Procrastination is a familiar topic on our blog page. It affects almost every student over the age of eight, becoming progressively more powerful through a student’s adolescent and college years. But why? Why does procrastination swell in potency as a student grows older? And why does procrastination seem to harm this generation of students more than students born a decade or two earlier? The answer is delayed gratification.
Modern students face a world with little resemblance to the late 90s and early 2000s. While those kiddos had some primitive video games to contend with and a growing array of digital communication tools, technology wasn’t nearly as pervasive as it is today. Please don’t confuse my doomsday description of technological invocation with Luddite sympathies. Rather, I am simply documenting the technological evolution as a change in quantity rather than quality – in some ways, a change in kind rather than a change in degree.
Today, many students use their cell phones as an alarm, then they check social media. They pick up their cell phone out of boredom in the car, then they check social media. During class, they use laptops and tablets for schoolwork, where they can check social media, email, or another similar app. After school, after another car ride, they check social media. Each time they open the app, they get a sudden buzz of dopamine either in anticipation as the pinwheel spins and the feed refreshes or from the virtual currency in the form of likes and comments.
Social media and other technologies supply instant gratification: dopamine on demand in a compact rectangle that fits in your pocket. Contrast this instant gratification with the laborious tasks of high school homework. As a student’s tolerance for boredom, for gratification-less effort, decreases, the likelihood of procrastination increases. This phenomenon is particularly true with high school and college students, who receive long-term essays and projects with more frequency than their lower school counterparts.
Instant gratification-induced procrastination is a common challenge. It often results in decreased productivity, increased stress, and lower academic performance. So, how can students (or their parents) help prevent instant gratification from turning into procrastination? Here are a few ideas:
Set SMART Goals
Setting Specific, Measurable, Achievable, Relevant, and Time-bound (SMART) goals can be a powerful strategy for combating procrastination. Students can break down their larger academic tasks or projects into smaller, manageable goals and set clear deadlines for each of them. This can create a sense of urgency and accountability, reducing the tendency to procrastinate. Moreover, procrastination helps counteract the instant gratification trap by creating short-term ‘wins’ for the student.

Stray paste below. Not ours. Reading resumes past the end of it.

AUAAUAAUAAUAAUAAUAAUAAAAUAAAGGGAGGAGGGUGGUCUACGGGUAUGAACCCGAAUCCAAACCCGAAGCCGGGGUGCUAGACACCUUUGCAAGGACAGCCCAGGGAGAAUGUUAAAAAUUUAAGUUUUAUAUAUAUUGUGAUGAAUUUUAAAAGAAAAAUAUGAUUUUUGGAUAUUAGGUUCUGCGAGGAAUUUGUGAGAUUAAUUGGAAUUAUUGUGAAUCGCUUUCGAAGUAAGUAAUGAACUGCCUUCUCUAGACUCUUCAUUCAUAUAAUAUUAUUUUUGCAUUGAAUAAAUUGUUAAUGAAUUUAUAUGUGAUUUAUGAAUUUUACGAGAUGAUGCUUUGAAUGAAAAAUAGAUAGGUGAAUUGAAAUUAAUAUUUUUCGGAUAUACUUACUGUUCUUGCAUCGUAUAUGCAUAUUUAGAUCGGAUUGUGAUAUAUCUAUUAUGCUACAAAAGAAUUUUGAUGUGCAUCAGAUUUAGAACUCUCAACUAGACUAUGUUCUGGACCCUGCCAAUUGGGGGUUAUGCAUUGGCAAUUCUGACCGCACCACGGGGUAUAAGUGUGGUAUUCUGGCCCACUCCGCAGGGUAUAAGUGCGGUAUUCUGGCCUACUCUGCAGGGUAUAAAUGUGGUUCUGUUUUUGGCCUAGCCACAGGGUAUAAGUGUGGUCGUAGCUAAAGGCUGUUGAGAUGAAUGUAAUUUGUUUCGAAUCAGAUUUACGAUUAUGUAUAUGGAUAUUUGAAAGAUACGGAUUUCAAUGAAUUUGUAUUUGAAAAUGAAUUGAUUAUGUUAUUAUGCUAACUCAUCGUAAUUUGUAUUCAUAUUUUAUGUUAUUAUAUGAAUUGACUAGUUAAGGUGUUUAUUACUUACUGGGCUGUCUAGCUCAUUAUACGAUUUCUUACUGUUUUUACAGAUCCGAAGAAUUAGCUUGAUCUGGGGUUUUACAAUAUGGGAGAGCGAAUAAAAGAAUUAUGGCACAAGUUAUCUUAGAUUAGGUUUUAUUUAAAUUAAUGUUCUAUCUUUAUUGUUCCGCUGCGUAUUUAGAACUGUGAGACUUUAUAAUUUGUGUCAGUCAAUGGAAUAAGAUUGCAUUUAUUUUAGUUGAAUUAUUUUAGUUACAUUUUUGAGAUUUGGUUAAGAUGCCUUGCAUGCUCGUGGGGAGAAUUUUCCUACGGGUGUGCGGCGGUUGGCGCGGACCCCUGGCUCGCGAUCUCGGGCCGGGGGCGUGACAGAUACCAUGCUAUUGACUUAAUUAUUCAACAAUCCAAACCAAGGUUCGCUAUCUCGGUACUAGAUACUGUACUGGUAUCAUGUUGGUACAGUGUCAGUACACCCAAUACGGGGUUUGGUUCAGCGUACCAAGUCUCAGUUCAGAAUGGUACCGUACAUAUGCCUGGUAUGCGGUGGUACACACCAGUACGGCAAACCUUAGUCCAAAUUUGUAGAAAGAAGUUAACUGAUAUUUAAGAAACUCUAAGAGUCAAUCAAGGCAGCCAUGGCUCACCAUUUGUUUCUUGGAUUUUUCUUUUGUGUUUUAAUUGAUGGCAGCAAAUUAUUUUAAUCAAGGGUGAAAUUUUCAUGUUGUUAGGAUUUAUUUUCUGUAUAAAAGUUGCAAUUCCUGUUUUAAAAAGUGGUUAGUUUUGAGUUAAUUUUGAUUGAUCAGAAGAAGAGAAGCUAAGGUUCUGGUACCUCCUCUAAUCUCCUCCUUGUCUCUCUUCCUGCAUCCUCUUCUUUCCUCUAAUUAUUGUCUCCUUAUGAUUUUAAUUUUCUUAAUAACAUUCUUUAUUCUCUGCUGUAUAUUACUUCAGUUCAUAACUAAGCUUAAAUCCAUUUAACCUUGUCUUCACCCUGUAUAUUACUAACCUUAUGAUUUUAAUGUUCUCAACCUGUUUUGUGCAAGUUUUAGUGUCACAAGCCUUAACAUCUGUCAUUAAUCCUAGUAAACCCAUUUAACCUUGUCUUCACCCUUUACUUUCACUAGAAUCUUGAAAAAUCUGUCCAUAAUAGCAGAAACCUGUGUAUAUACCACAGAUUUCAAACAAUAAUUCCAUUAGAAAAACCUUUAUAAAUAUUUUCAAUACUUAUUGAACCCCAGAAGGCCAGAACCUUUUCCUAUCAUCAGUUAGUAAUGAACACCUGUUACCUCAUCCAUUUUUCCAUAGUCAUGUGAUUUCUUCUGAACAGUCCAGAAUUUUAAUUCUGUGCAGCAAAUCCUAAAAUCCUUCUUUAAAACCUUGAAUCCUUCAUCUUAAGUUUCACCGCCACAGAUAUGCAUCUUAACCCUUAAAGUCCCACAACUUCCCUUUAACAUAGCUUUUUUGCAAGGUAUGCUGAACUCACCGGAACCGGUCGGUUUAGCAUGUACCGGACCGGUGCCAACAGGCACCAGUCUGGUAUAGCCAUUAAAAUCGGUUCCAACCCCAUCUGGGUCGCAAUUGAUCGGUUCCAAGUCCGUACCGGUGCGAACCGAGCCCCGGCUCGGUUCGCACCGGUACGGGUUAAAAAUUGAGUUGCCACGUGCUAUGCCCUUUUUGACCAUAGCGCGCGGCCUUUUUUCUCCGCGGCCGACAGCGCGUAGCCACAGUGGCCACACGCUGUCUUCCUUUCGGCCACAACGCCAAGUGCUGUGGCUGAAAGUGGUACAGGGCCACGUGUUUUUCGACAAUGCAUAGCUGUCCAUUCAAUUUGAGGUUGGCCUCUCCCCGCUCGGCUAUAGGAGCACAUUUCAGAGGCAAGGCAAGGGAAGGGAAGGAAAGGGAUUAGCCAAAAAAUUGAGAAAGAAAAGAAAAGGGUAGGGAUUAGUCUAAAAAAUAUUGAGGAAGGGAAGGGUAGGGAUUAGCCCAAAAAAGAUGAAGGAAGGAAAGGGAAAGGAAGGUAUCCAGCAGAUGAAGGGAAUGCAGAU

Create a Productive Study Environment
The study environment plays a significant role in a student’s ability to focus and concentrate. Thus, the environment plays a huge role in preventing procrastination. The most interesting thing in the room (the thing that offers the most instant dopamine) often wins the day. To keep a student from spiraling down the procrastination rabbit hole, manipulate the study environment such that good decision making is easy. High school students can optimize their study space by minimizing distractions, organizing their materials, and creating a conducive learning environment.
Practice Time Management Techniques
Effective time management is essential for counteracting instant gratification’s effects in a similar way to SMART goals.. High school students can use techniques such as the Pomodoro Technique, time blocking, or creating a to-do list to manage their time efficiently. These techniques can help them prioritize tasks, allocate dedicated time for focused work where students can make sure they are productive instead of just busy. Likewise, effective time management helps prevent the never-ending project dread that instigates most procrastination. It makes the task achievable and therefore promotes action.
Developing intrinsic motivation is a key factor in overcoming procrastination. High school students can work on cultivating a growth mindset, setting meaningful goals, and finding purpose in their academic pursuits. This can fuel their motivation and drive, reducing the tendency to procrastinate. Although developing intrinsic motivation is much easier said than done. Helping students find a ‘why’, recognize intermediate success, and build emotional awareness is a great start.
Seek Support and Accountability
Having a support system in place can be beneficial for overcoming procrastination. High school students can seek support from teachers, parents, or peers who can provide encouragement, guidance, and accountability. That’s why our flagship one-on-one academic support system is so effective; it solves many common problems that high school students face by giving them someone in their corner.
For more information on procrastination and other executive function topics, please check out our other resources. If you want to learn more about our flagship academic coaching and tutoring program, reach out today!